John is now giving Grace a bath. I hear her giggles, even in the other room. They bring me back to the present. She is my reminder. They are my reminders, that I am loved no matter what my size. That I am good enough right now in this very moment. That my emotions and problems aren't too much. That I am capable of taking care of myself and others. That my life will continue to unfold in the way that it is meant to, no matter what. And of course, that the number on the scale doesn't impact or change any of these things.




Wednesday, February 25, 2015

The here and the now

I have been kind of avoiding this blog lately. Honestly, the avoidance piece is pretty prevalent in a lot of parts of my life right now. But in honor of eating disorder awareness week, I decided to allow myself to be seen. My voice matters too.

I have been struggling, a lot. I think if I am honest with myself it's been a slow decline since my daughter was born about 10.5 months ago. Parenthood is hard, tack that on to my never ending medical issues and BAM in pops the eating disorder to save the day...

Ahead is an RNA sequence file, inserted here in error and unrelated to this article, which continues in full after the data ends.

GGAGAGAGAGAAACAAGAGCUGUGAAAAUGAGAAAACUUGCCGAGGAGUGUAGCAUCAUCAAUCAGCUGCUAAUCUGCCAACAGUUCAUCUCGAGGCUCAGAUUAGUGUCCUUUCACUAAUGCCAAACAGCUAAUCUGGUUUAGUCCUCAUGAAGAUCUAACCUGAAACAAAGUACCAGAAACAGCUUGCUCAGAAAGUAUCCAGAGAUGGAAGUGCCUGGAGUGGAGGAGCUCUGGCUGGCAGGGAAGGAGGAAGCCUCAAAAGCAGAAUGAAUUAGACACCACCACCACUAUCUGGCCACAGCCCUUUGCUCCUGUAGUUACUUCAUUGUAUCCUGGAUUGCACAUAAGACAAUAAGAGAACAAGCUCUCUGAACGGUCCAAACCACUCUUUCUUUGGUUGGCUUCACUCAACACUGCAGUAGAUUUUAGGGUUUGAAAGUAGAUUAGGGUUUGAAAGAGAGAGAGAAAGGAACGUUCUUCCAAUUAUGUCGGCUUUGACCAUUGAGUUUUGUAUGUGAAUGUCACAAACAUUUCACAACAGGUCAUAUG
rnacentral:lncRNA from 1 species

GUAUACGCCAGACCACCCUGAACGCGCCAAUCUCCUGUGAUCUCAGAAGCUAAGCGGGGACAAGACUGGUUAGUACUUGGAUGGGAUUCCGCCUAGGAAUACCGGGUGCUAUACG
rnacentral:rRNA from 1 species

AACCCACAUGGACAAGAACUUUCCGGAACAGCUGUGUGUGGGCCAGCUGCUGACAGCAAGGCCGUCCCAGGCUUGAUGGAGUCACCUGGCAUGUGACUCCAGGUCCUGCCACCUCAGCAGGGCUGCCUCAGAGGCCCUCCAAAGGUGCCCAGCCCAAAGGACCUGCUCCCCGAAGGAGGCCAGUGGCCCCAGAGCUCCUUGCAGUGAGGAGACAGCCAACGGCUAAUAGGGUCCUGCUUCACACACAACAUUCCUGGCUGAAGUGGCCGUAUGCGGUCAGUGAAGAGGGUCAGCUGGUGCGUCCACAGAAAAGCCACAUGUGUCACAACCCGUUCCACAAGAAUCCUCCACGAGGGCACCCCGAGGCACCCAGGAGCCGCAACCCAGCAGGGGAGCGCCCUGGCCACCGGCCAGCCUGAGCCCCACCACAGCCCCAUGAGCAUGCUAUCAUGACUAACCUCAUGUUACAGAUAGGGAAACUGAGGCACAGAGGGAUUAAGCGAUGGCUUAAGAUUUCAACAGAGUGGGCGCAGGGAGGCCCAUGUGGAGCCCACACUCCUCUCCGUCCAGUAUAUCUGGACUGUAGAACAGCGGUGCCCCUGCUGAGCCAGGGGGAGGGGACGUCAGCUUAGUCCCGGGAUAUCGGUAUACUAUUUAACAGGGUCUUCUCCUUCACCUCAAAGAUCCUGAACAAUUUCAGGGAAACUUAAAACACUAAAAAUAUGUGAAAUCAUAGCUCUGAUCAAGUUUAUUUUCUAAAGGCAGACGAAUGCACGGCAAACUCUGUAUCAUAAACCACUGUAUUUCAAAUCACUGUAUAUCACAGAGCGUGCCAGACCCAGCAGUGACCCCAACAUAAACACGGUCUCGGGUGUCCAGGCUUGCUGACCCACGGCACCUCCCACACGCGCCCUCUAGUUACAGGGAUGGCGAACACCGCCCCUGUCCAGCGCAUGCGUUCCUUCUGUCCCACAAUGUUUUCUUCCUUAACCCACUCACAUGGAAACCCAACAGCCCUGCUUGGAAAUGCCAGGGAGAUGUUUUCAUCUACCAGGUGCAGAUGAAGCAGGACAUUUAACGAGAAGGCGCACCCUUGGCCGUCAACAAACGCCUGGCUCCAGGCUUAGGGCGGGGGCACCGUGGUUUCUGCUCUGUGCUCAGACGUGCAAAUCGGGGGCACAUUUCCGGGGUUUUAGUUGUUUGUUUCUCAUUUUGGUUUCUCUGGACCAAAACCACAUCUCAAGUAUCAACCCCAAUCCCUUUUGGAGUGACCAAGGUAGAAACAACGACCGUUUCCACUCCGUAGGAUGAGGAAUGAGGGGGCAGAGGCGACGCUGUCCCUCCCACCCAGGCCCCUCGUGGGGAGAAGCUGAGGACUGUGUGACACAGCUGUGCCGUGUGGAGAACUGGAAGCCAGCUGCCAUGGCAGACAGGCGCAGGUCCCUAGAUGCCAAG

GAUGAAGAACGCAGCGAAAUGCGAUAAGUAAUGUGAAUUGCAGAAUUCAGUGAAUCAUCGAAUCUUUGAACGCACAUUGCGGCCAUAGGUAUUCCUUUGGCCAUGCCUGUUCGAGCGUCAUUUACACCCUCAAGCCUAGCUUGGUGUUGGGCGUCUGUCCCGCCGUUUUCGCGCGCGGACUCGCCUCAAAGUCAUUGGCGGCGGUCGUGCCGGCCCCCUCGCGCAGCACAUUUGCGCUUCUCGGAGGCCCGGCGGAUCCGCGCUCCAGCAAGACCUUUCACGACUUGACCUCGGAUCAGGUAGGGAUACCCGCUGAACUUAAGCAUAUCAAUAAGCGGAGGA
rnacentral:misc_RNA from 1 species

Except that is total BS. Even in my struggling state I am aware of that.

I am bad at reaching out for support and even worse at graciously accepting it. I know I have tons of resources in my corner but recently it hasn't been easy to call upon those. Shame is winning in so many ways but I am not sure I want that to continue. I am pretty sure if I did I would not be writing this post right now.

So yeah, what now?

I have finally come to terms with the fact that this has nothing to do with motivation. If so, looking at and thinking about my daughter would get me to eat and stop engaging in ED behaviors but well, that hasn't happened yet. So I am done beating myself up for that one. Struggling doesn't mean that I love my daughter or my husband less. It doesn't make me less of a mother or wife, just makes me someone who struggles with a mental illness.

This all really has nothing to do with my body size and weight gain. Sure I'd love to lose the pounds that I gained from pregnancy, but for the most part I think my body is pretty fantastic and my daughter LOVES it. There is nothing more comforting to her then snuggling close to my chest while hugging my belly to which she called home for 36 weeks.

So I will plead the stress card. And the new mom card. And the super traumatic pregnancy card. And the adjusting to this new life card.